This one’s for Morgan

Ross Steele is running his 99th marathon on Saturday. Photo: Bruce Barnard.

He could have worn his hot pink skirt. Or his orange kilt. It was a toss-up.

But Tauranga man Ross Steele opted for his orange tutu – apparently quite a cheeky little number.

“Because orange is my favourite colour. And for a bit of fun,” says the runner who’s clocked up 98 marathons in a 25-year career. “And too many people go through life with neither fun nor colour.”

Ross will be wearing the orange tutu when he lines up for the 42.195km of the Kirikiriroa Marathon in Hamilton tomorrow, March 18. And the impish runner’s put the challenge out to all his mates coming to the event.

“Tutu compulsory and a splash of orange.” In other words wear your tutu too.

Ninety-eight marathons, including one on each of the seven continents. The word ‘seven’ is etched into his calf as a reminder, as if he needs reminding.

And the 98 includes 23 laps of Lake Rotorua. “Well used to trekking round there.” What about those hills at the top of the lake? “Flat slopes, not hills, flat slopes.” He will put a positive spin on anything.

Like the marathon itself. “It’s all about attitude. If you think you can do it, you will. If you think you can’t, you won’t.”

The 60-year-old calculates he’s run up about 60,000km in his 25-year journey. If he was a car he would be two-thirds of the way round the clock. And journey is a word he uses a lot.

“My journey has been a blast and full of challenges. But it’s how you approach those challenges.”

And it’s a personal challenge that’ll be a driving force for Ross tomorrow. Former marathoner Morgan Thomas, father of Ross’ best friend Lee Murray, herself a marathoner, has been fighting a quiet, dignified but losing battle with dementia.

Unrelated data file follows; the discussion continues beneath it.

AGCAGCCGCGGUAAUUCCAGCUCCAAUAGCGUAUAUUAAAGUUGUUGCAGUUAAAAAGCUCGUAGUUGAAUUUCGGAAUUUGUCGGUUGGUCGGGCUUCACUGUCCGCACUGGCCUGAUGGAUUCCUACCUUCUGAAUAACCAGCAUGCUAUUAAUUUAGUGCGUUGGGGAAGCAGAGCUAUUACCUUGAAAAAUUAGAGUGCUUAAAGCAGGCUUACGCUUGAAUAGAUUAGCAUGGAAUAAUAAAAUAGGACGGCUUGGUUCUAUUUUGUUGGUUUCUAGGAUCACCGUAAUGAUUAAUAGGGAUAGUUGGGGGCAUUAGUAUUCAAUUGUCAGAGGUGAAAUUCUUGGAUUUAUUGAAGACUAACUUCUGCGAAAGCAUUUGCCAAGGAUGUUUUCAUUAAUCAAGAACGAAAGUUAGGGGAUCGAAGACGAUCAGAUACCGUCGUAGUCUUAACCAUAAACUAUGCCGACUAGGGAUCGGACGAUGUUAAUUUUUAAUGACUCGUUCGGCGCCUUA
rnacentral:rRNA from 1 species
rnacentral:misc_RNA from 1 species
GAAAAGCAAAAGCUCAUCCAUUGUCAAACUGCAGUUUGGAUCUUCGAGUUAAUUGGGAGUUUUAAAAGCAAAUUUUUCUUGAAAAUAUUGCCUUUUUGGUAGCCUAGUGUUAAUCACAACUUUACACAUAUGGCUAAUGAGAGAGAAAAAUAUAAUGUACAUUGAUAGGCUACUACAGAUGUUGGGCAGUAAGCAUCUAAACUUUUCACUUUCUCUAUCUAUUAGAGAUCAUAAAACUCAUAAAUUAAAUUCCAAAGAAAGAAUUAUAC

“It has been tough for Morgan and just as tough for his lovely supportive family,” says Ross.

So Ross will be running for Morgan. And for Alzheimers Tauranga.

“I’ve been watching the deterioration of a dear man. It’s been quite a wake-up call for me.”

The Hamilton marathon was to be Ross’s 100th but he was confronted with his own challenge – albeit miniscule and insignificant by comparison.

“Moderate arthritis in the left hip.” This means his efforts will be reduced to a walk unfortunately.

And he’s quick to point out it’s not the running. Dad had five hip ops. “My brother two, other brother one.” And the aches and pains are all part of…well, the journey. “I spend a lot of time on physio tables – but it’s all about your focus on the end goal.”

A favourite marathon? Without doubt the Antarctica Marathon, February 26, 2007. “A blast – snowed for half to three-quarters of the race – got beaten across the finish-line by two penguins.”

His time was six hours 10 minutes and 57 seconds, reflective of the conditions and the fact he was running in two lots of socks, Icebreaker leggings, three Icebreaker tops, Gorttex jacket, two lots of gloves and a beanie.

That was one for Ross. But tomorrow it’ll be one for Morgan Thomas, Lee, the family and the estimated 28,000 New Zealanders living with Alzheimers.

You can help by going to:

Or you can make a donation to Alzheimers Tauranga/WBOP account number 03-0435-0470677-00 and Ross100.

Marathon 100 will be somewhere local. “Running mates will fly in from round the country.” And there will again be a splash of orange and tutus.

For those even remotely contemplating taking up running and marathons, the master has some sagely advice – four very straightforward words. “Put shoes on, run.”

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